STATE OF THE STATE

Cuomo out­lines ini­tia­tives aimed at pre­vent­ing hate crimes, le­gal­iz­ing pot

The Saratogian (Saratoga, NY) - - FRONT PAGE - By Ma­rina Vil­leneuve and Ryan Tarinelli

AL­BANY, N.Y. >> New York Gov. An­drew Cuomo used his an­nual State of the State ad­dress Wednesday to ad­vo­cate for a mix of “prac­ti­cal” pro­gres­sive goals and ur­gent re­spon­si­bil­i­ties, in­clud­ing wag­ing war on hate crimes, spend­ing $3 bil­lion on en­vi­ron­men­tal pro­tec­tion and le­gal­iz­ing recre­ational mar­i­juana.

The third-term Demo­crat touted past achieve­ments and trum­peted a long list of pol­icy ini­tia­tives, many of which he pre­viewed in a se­ries of an­nounce­ments over the past month. Cuomo also stressed the need for fis­cal re­straint, with the state star­ing at a $6 bil­lion bud­get gap, caused largely by soar­ing Med­i­caid spend­ing.

The agenda Cuomo out­lined in the speech in­cludes plans for ex­pand­ing an­tidis­crim­i­na­tion pro­tec­tions in the state con­sti­tu­tion, an over­haul for New York City’s Penn Sta­tion and a pro­posed ban on foam food con­tain­ers. Cuomo also out­lined an­other ban that would cover mar­ket­ing fla­vored e-cig­a­rettes to chil­dren, ini­tia­tives in­tended to lower the cost of pre­scrip­tion drugs, guar­an­teed paid sick leave time for more New York work­ers and ex­panded uni­ver­sal pre-kinder­garten.

“New York at her best is the pro­gres­sive capi­tol of the na­tion, and we must ful­fill that des­tiny again this year,” Cuomo said.

Cuomo de­liv­ered his ad­dress at the Em­pire State Plaza Con­ven­tion Cen­ter in down­town Al­bany to an au­di­ence of mem­bers of the Leg­is­la­ture and top politi­cians from around the state. The speech kicked off a leg­isla­tive ses­sion run­ning through June 2.

The gov­er­nor’s ad­dress comes af­ter sev­eral episodes of vi­o­lence tar­get­ing Jewish peo­ple, in­clud­ing an at­tack by a man who stormed in­side the home of a Mon­sey rabbi, Chaim Rottenberg, and stabbed five peo­ple at a Hanukkah cel­e­bra­tion.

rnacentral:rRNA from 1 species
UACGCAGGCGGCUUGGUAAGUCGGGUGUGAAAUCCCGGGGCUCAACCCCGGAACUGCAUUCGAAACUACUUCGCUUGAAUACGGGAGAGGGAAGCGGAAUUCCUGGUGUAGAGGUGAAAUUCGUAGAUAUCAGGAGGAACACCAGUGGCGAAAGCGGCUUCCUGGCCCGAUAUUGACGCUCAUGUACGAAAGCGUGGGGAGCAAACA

Rottenberg de­liv­ered a bless­ing be­fore Cuomo’s ad­dress and called for toler

ance.

“I will never for­get the hor­ror of that night,” Rottenberg said. “But I will also never for­get how we con­tinue to cel­e­brate af­ter that day, how we con­tinue to re­joice in the mir­a­cle of Hanukkah. I will never for­get the re­silience on dis­play that night and in the fol­low­ing days, the re­silience of Jewish peo­ple and the re­silience of New York.”

Cuomo is propos­ing a new law tar­geted at do­mes­tic ter­ror­ism and said New York would be the first state in the U.S. to en­act such leg­is­la­tion. The new law would ap­ply to crimes in which at least one per­son died and vic­tims were tar­geted by their race, re­li­gion and gen­der, among other top­ics.

Cuomo called the at­tack “in­tol­er­a­ble” and pledged the state won’t stand for it. “They at­tacked me, and they at­tacked you,” Cuomo said.

“These are the times, my friends, when New York state is called upon to lead to set a course for a trou­bled na­tion search­ing its way through the fog of con­fu­sion,” he said.

In a pol­icy brief­ing book that ac­com­pa­nied his speech, Cuomo said his pro­posal to le­gal­ize mar­i­juana would limit the sale of cannabis prod­ucts to adults over age 21. But he only briefly men­tioned his le­gal­iza­tion pro­posal in his ad­dress Wednesday, to tepid ap­plause.

A sim­i­lar pro­posal to le­gal­ize recre­ational mar­i­juana failed last year among dis­agree­ments over fund­ing and hes­i­ta­tion from subur­ban Democrats. Law­mak­ers in­stead scaled back penal­ties for pos­ses­sion of small amounts of mar­i­juana and cre­ated a process for ex­punge­ment.